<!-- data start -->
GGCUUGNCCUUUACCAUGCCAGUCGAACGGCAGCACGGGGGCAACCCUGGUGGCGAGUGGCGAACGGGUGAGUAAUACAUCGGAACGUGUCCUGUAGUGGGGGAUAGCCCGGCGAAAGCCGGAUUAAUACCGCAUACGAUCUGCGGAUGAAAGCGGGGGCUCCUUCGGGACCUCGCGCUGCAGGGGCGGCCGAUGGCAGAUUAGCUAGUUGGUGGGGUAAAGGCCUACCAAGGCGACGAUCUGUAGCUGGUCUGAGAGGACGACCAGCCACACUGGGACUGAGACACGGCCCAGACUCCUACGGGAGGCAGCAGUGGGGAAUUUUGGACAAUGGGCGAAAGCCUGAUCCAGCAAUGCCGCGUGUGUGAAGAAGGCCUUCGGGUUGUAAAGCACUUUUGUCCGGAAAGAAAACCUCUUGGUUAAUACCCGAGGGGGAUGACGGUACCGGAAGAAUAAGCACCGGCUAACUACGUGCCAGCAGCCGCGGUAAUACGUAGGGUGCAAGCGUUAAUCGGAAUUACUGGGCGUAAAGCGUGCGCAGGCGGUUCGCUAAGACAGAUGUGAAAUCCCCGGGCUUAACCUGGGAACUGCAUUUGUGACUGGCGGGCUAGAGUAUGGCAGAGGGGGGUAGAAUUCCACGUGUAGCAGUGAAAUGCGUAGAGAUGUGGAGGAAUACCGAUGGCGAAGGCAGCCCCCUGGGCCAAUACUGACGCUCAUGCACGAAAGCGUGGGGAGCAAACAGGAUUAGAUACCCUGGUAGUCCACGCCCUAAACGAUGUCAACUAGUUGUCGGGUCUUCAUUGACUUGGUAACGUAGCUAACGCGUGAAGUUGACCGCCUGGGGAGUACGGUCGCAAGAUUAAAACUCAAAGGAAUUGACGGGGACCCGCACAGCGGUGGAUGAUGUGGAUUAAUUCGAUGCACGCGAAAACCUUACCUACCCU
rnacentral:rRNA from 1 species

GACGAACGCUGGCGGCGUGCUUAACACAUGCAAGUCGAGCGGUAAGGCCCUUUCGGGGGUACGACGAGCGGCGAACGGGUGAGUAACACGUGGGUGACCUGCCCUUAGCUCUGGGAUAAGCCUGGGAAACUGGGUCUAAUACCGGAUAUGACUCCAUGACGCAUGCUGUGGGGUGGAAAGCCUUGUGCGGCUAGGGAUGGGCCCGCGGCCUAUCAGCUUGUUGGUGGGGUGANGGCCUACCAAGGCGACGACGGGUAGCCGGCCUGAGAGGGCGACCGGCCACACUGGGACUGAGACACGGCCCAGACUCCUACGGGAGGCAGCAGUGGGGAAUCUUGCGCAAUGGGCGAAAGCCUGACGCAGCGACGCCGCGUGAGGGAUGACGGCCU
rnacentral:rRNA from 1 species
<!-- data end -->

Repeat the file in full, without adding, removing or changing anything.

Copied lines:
GGCUUGNCCUUUACCAUGCCAGUCGAACGGCAGCACGGGGGCAACCCUGGUGGCGAGUGGCGAACGGGUGAGUAAUACAUCGGAACGUGUCCUGUAGUGGGGGAUAGCCCGGCGAAAGCCGGAUUAAUACCGCAUACGAUCUGCGGAUGAAAGCGGGGGCUCCUUCGGGACCUCGCGCUGCAGGGGCGGCCGAUGGCAGAUUAGCUAGUUGGUGGGGUAAAGGCCUACCAAGGCGACGAUCUGUAGCUGGUCUGAGAGGACGACCAGCCACACUGGGACUGAGACACGGCCCAGACUCCUACGGGAGGCAGCAGUGGGGAAUUUUGGACAAUGGGCGAAAGCCUGAUCCAGCAAUGCCGCGUGUGUGAAGAAGGCCUUCGGGUUGUAAAGCACUUUUGUCCGGAAAGAAAACCUCUUGGUUAAUACCCGAGGGGGAUGACGGUACCGGAAGAAUAAGCACCGGCUAACUACGUGCCAGCAGCCGCGGUAAUACGUAGGGUGCAAGCGUUAAUCGGAAUUACUGGGCGUAAAGCGUGCGCAGGCGGUUCGCUAAGACAGAUGUGAAAUCCCCGGGCUUAACCUGGGAACUGCAUUUGUGACUGGCGGGCUAGAGUAUGGCAGAGGGGGGUAGAAUUCCACGUGUAGCAGUGAAAUGCGUAGAGAUGUGGAGGAAUACCGAUGGCGAAGGCAGCCCCCUGGGCCAAUACUGACGCUCAUGCACGAAAGCGUGGGGAGCAAACAGGAUUAGAUACCCUGGUAGUCCACGCCCUAAACGAUGUCAACUAGUUGUCGGGUCUUCAUUGACUUGGUAACGUAGCUAACGCGUGAAGUUGACCGCCUGGGGAGUACGGUCGCAAGAUUAAAACUCAAAGGAAUUGACGGGGACCCGCACAGCGGUGGAUGAUGUGGAUUAAUUCGAUGCACGCGAAAACCUUACCUACCCU
rnacentral:rRNA from 1 species

GACGAACGCUGGCGGCGUGCUUAACACAUGCAAGUCGAGCGGUAAGGCCCUUUCGGGGGUACGACGAGCGGCGAACGGGUGAGUAACACGUGGGUGACCUGCCCUUAGCUCUGGGAUAAGCCUGGGAAACUGGGUCUAAUACCGGAUAUGACUCCAUGACGCAUGCUGUGGGGUGGAAAGCCUUGUGCGGCUAGGGAUGGGCCCGCGGCCUAUCAGCUUGUUGGUGGGGUGANGGCCUACCAAGGCGACGACGGGUAGCCGGCCUGAGAGGGCGACCGGCCACACUGGGACUGAGACACGGCCCAGACUCCUACGGGAGGCAGCAGUGGGGAAUCUUGCGCAAUGGGCGAAAGCCUGACGCAGCGACGCCGCGUGAGGGAUGACGGCCU
rnacentral:rRNA from 1 species